Writing about Facebook profiles as memorials to the dead, Patrick Stokes notes that “our social identities are not necessarily coextensive with the biological life of the individual human organism with which they are associated, and thus it is not the memory of the dead person that is being honored and sustained through this form of memorialization, but some dimension or extension of the dead person themselves” (367). This is part of a growing body of literature that has coalesced around the agency of the dead — an agency facilitated specifically through durable, mediated representations of formerly living bodies.
My research is rooted in a sizable patch of this, but I’m commenting on some of it here because of a couple of nifty examples encountered just this week — mediated, shared, and hyped performances by two public figures who are no longer alive. (Warning: a few minor “Rogue One” spoilers lie ahead.)
People think I don’t like Leon Russell, and nothing could be further from the truth.
It’s my own fault. On the way out the door as pop music critic for the Tulsa World newspaper back in 2002, I reviewed one of his shows and kinda let him have it.
In a welcome break from election trauma, the usual Trump v. Clinton opining across my social-media feeds has been balanced this week by a different argument: “It’s high time Bob Dylan won the Nobel” v. “It’s a travesty Bob Dylan won the Nobel.”
Even amid my curation of friends and followers — heavily weighted as each set is with fellow folks and folkies in the orbit of the Woody Guthrie Center and that same city's new Bob Dylan Archive — the split has been nearly half and half. Like the presidential polls, such overall ambivalence is surprising, particularly because this particular box of Pandora’s has been wide open for some time. What’s been especially astonishing to me, anyway, is the vehemence with which some fans — of literature, not necessarily of Bob — cling to an outmoded compartmentalization of mediated experience.
The movie about Trump’s rise to power — his steamrolling of typical political strategies, his wielding of entertainment and emotion over policy and fact, his irascible irresistibility in the face of plodding traditionalism — was made more than 20 years ago. It’s called “Bob Roberts.”
It’s a great “mockumentary,” but, like “Idiocracy,” it’s no longer very funny now that real life in America seems to be taking the gag seriously.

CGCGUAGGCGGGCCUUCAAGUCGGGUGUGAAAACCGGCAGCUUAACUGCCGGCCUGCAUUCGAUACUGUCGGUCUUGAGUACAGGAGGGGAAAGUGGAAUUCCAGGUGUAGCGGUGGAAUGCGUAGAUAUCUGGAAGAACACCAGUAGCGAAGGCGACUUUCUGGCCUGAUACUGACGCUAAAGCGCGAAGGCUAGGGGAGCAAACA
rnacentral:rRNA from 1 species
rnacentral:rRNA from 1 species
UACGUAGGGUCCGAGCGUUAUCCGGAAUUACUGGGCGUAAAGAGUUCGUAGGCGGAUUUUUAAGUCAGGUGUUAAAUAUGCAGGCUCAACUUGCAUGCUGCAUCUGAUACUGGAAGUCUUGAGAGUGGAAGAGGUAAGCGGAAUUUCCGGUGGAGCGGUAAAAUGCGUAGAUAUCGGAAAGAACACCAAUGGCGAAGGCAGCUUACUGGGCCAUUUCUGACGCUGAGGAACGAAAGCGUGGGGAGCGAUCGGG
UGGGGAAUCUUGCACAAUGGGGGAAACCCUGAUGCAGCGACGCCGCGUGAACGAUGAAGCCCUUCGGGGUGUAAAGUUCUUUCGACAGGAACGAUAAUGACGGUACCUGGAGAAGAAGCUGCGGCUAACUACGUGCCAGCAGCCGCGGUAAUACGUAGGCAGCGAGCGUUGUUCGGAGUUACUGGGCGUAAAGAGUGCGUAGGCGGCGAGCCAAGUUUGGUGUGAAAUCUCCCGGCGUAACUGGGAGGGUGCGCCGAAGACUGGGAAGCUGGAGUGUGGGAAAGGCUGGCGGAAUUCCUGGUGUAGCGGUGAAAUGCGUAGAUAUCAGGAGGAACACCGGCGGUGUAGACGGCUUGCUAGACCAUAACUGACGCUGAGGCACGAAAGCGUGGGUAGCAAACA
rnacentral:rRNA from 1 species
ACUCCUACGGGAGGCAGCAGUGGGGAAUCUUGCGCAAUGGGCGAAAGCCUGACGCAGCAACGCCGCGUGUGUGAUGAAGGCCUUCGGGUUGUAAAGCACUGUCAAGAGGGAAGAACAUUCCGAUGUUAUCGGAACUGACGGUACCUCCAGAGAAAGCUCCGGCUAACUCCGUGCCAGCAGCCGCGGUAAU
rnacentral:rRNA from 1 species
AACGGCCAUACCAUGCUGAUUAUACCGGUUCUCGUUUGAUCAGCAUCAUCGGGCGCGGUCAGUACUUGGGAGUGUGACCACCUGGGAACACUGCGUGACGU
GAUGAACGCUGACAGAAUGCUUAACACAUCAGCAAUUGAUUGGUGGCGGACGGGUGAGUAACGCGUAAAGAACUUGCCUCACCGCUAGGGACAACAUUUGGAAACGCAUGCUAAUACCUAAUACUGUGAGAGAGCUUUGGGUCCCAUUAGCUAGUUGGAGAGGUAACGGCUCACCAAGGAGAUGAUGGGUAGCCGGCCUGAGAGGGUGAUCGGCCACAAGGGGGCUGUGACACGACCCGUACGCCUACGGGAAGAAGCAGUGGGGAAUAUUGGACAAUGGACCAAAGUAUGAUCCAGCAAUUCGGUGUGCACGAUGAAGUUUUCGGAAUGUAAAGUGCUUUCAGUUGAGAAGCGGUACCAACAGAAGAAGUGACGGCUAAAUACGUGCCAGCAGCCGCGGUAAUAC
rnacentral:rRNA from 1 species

I’ve been trying to define what kind of scholar I am for five years now. My answer remains fluid — a bit more like Silly Putty now, but not yet firm like concrete — perhaps to the dismay of my current adviser. The journey of discovery is a more finely honed process than initially expected. Arriving in grad school, I simply thought I’d be trained to become a scholar — you know, like every other scholar. Of course, I quickly learned that this involved a game of Twister, placing hands and feet on established fields, theoretical perspectives, and myriad schools of thought, as well as playing tug-of-war with my own critical insights, situated knowledges, and bees in various bonnets. Thankfully, my first cohort (at UI-Chicago) happened to be one that landed in front of Kevin Barnhurst for class one, semester one: Philosophy of Communication.
The Shadow, a vigilante crime fighter in an eponymous early 20th-century radio drama, foiled evildoers by using his supernatural power to cloud others’ minds to mask his own physical and psychological presence. Each program began with the narrator’s tagline: “Who knows what evil lurks in the hearts of men? The Shadow knows!”
The characters in “Noon at Dusk” — a new chamber opera by composer Stephen Lewis and librettist Yi Hong Sim (a colleague of mine at UCSD), recently premiered at UC-San Diego’s Conrad Prebys Music Center Experimental Theater — possess little criminal or evil intent, yet they likewise struggle against shadows and cloudy judgment. Across an inventive narrative arc and shot through with unsettling music, two couples face shadows of themselves and must consider precisely what lurks within their own hearts.